Before I had Callie, I thought I was strong. I managed my own chronic illness, worked two jobs, and went to school. I was out spoken and lively. I did a lot, gave a lot, and was a lot for lots of people.
I now define strength and it’s many forms much differently now.
Callie was born with Tetrology of Fallot, a congenitive heart condition and also is a lower limb amputee. She’s had two open heart surgeries, one surgery on her hand, and two on her knee. She has a prosthetic leg but when I look at her I see what it means to be mighty.
Strength comes in many shapes and sizes. It can be still and tender, like when Callie reaches for my hand after her latest surgery. It can be brave and bold, like when I’m advocating for new therapies for her and accomodations in her classroom. It can be fierce and full of pride, like when I’m cheering Callie on as she took her first steps in her prosthetic leg. It can be soft and stoic, like when Callie bears walking on a prosthetic leg that no longer fits. It can be quiet and unwavering, like when we sat in the waiting room anxiously awaiting her to come out of her second open heart surgery. It can be patient and unflinching, like when Callie has to ignore those that make fun of how she walks. It can be unsure and but relentless, like when I say “I’ve got this” with tears in my eyes. It can be deep rooted and secure, like how we are as a family. As long as we are together, nothing can stop us.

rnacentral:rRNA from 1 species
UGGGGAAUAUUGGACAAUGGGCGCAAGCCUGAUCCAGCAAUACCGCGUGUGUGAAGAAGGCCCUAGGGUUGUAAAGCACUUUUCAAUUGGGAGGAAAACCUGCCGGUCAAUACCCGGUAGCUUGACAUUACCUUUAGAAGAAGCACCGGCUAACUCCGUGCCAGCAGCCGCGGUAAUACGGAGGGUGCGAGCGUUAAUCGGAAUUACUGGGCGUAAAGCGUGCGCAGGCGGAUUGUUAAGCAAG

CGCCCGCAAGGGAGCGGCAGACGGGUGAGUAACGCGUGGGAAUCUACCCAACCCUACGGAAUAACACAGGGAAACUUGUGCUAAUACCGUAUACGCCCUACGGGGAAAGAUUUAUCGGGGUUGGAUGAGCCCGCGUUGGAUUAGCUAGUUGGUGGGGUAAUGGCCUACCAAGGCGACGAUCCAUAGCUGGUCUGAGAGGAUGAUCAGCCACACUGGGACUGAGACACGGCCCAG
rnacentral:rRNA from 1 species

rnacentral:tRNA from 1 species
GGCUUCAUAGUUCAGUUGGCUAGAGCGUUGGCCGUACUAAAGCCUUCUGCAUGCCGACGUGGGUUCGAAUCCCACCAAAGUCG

Motherhood has allowed me to reflect on my own view of strength. I’ve learned the power in being vulnerable and the magnitued of giving myself grace. I’ve learned that we sometimes have to fight battles that no one even knows about and other battles that we bear to lessen someone else’s burden. It’s remaining brave even though we are afraid. It’s never forgetting just how far we’ve come and all of the amazing triumphs we’ve experienced. I’ve learned the power of forgiveness and the peace of moving forward. It’s appreciating the joy of what is instead of what isn’t.
Strength is putting one foot in front of the other each and every day. It’s continuing to show up and stand tall. It’s standing up 10 times when you get knocked down 9 times. Strength is owning our story. It’s advocating for my daughter and fighting for her. It’s pushing for accessibility and representation in media. It’s making the world more accepting of her and because of her. It’s grace and grit and I’ll be as strong as a mother…………… in all forms.